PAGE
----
Seeing the little successes in my business have been tremendous for my own self-confidence. In my mind, I’m a business owner who teaches now, instead of a teacher with a business. I see the world in terms of ROI, revenue metrics, and efficiency in scaling.

My business has a long way to go, but I’m dreaming bigger than I have in many years. Better yet, I’m believing in those dreams and my own ability to accomplish them.

How One Year of Selling On Teachers Pay Teachers
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Ok, Yes, the Money from Teachers Pay Teachers Helps Too

I have seen some pretty steady side income from my store since my sixth month in business. While my monthly revenue hasn’t grown too much since then (hoping to work on that this summer!), the money that has been coming in has been helping me acquire the real resource: freedom.

My district hired me during a pay freeze that ended up lasting the first five years of my career. That means that at the time of writing this, I am earning a second-year teacher’s salary in my sixth year.

During that freeze, insurance, taxes, cost of living–basically everything–increased. I have consistently made less with every year of teaching. It’s pretty defeating when you sit and look at the numbers.

Worse, there’s been quite a few months over the years where the ends didn’t quite meet. Like any good American, I often turned to my credit cards to handle these gaps. Then most of my summer job money would go towards paying down these debts. Until the school year started and the cycle started again.

So far, I haven’t actually spent any of my Teachers Pay Teachers income on anything fun. There’s been no massages, manicures, or TPT-funded vacations. But my credit card debt is so close to disappearing! It’s amazing to be able to see the finish line!

When those debts are gone, I plan to use the extra money to start funding some other dreams: maybe a trip or a house with my boyfriend. Maybe one day we’ll be able to afford to get married. Heck, maybe that RV for us to live in!

So, yes, the money has been nice. But the hope and the freedom it has brought it the real blessing. This time last year I was working a second job after school to help cover bills. I don’t have to do that anymore.

Selling on Teachers Pay Teachers Made Me Ambitious

Does this sounds familiar: you’ve been teaching for a few years. Maybe you’re working on your Masters. Maybe not. You have a teaching routine down. After work, you crack a book or binge a little something on Netflix. You spend a little bit of time with friends and family on the weekend, when you’re not preparing for another week of work.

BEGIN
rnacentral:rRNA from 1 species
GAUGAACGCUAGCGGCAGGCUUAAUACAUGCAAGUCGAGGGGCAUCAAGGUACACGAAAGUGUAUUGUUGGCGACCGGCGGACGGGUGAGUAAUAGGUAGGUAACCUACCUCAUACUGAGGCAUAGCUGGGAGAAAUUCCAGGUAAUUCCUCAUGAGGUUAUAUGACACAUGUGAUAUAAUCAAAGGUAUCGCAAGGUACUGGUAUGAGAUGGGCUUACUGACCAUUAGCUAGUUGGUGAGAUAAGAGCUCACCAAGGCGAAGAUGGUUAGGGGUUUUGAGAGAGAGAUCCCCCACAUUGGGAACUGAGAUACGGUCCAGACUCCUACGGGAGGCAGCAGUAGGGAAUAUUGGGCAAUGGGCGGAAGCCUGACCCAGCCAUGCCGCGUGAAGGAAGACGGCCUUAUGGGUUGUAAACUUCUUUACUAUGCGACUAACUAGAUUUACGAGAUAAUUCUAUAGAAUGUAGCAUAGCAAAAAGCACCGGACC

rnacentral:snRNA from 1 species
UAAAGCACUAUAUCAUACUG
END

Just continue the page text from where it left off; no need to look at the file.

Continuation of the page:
And that’s it. There’s nothing else. Just living for the weekend, then the break, then the summer.

Looking back, I feel like I floated through a lot of the last few years. I couldn’t take on the debt of an advanced degree, so I felt stuck in my career. I didn’t know my next move, and even if I did think I knew what I wanted, I didn’t have the energy left to pursue it.

But this having my own business thing? I love this. The days when I know I can just sit and work on my own business are my favorite days. During spring break this year, I planned out all of the tasks I wanted to accomplish and had the time of my life just sitting alone in my office with some music working.

When I’m working out, I’m listening to business podcasts. Before I go to bed at night, I read business books.

I’m obsessed.

And that feels good. It’s been a long time since I’ve felt passionate about much in my life. It’s been a long time since I’ve felt driven towards something like this.

Not everyone is cut out to have their own business. I can’t blame anyone who wants to skip that experience. It’s a lot of time, a lot of additional stress, and a lot of mental capacity.

I’ve given up sleeping in on many mornings. I’ve been distracted during times that I should have just been enjoying the company around me.

But if you’ve ever considered dabbling with Teachers Pay Teachers or starting some other side business, I highly encourage that you just dive in with both feet. You’ll never know until you know.

Selling on Teachers Pay Teachers has made me a better teacher, a better person, and has given me drive and purpose like I haven’t had in a long time. (If you want to find out more about the very beginning of my business, you can read this blog post here.)

Are you on the fence about staring your store? Has selling on TPT changed your life too? Let me know in the comments what you’re thinking!